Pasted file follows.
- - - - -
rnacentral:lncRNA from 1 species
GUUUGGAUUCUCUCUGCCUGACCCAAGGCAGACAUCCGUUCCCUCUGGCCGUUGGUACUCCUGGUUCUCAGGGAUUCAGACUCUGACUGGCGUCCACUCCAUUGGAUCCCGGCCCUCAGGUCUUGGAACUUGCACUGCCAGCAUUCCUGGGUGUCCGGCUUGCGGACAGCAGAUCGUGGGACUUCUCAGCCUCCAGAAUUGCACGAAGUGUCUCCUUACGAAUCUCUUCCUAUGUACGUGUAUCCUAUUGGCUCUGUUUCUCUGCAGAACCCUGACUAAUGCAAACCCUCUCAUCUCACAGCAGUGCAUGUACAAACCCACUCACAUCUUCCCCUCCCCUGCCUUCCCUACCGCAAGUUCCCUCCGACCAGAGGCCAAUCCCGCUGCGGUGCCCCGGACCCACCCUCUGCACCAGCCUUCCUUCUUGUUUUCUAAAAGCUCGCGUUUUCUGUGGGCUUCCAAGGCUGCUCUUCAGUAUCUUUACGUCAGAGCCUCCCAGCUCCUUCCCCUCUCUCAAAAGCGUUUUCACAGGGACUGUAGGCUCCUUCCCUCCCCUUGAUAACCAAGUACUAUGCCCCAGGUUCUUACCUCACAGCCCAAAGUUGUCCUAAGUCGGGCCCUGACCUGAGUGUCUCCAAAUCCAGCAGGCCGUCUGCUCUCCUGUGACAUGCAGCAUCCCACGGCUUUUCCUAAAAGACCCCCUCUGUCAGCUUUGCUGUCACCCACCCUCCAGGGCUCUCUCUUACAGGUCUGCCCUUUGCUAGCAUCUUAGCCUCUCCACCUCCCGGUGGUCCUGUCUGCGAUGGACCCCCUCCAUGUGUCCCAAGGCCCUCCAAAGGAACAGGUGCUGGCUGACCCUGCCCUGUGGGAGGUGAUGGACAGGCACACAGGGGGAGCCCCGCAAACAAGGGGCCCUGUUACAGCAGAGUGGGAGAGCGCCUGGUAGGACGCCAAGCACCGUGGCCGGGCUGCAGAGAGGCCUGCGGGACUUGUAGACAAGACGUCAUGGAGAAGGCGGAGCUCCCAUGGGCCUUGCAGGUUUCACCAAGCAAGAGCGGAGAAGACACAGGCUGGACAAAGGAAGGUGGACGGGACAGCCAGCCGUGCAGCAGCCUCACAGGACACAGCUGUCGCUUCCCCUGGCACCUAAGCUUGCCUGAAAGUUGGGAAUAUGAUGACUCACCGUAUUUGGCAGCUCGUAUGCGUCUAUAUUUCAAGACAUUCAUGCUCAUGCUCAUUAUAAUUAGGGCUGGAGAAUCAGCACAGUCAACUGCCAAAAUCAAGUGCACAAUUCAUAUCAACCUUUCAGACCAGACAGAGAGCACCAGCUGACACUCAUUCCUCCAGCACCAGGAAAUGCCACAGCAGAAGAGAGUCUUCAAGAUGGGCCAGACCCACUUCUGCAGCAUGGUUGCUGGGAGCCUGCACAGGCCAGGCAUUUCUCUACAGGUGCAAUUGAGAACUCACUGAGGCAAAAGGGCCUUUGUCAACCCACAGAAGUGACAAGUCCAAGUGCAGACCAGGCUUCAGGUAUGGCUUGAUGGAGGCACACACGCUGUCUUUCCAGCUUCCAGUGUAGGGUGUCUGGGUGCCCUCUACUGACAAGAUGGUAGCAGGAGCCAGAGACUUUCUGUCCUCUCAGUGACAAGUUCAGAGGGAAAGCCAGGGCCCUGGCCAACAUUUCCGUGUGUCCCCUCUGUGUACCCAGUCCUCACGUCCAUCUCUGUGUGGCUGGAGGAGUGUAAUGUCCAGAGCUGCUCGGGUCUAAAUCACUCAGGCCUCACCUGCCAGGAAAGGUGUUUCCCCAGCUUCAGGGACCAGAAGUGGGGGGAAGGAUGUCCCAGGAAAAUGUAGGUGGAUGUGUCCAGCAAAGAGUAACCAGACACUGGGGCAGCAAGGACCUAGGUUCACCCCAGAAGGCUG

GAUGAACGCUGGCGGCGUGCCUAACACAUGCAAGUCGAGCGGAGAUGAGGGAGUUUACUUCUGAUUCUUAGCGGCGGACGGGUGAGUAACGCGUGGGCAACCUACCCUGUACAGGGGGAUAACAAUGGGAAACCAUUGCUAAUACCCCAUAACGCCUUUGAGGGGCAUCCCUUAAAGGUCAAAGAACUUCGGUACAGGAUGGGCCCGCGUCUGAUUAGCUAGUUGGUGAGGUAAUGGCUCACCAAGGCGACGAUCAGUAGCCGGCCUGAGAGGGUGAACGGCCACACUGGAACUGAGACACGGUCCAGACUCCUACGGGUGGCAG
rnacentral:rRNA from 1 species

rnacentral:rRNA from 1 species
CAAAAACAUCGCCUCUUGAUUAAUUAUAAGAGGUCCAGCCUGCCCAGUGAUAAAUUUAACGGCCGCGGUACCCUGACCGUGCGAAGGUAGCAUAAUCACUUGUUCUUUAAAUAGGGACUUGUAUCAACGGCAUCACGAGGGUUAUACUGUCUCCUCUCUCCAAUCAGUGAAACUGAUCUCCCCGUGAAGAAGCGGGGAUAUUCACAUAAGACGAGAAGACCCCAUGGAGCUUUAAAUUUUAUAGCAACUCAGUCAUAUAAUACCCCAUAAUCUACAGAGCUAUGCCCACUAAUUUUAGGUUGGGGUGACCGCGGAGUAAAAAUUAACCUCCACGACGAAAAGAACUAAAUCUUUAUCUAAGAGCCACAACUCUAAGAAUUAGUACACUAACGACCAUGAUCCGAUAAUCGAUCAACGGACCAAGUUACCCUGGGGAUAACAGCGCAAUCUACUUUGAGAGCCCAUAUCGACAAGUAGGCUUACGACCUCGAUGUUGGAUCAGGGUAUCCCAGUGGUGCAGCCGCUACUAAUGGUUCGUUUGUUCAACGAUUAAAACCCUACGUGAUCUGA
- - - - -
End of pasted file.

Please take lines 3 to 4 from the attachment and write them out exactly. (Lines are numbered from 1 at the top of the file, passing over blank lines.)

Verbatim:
GAUGAACGCUGGCGGCGUGCCUAACACAUGCAAGUCGAGCGGAGAUGAGGGAGUUUACUUCUGAUUCUUAGCGGCGGACGGGUGAGUAACGCGUGGGCAACCUACCCUGUACAGGGGGAUAACAAUGGGAAACCAUUGCUAAUACCCCAUAACGCCUUUGAGGGGCAUCCCUUAAAGGUCAAAGAACUUCGGUACAGGAUGGGCCCGCGUCUGAUUAGCUAGUUGGUGAGGUAAUGGCUCACCAAGGCGACGAUCAGUAGCCGGCCUGAGAGGGUGAACGGCCACACUGGAACUGAGACACGGUCCAGACUCCUACGGGUGGCAG
rnacentral:rRNA from 1 species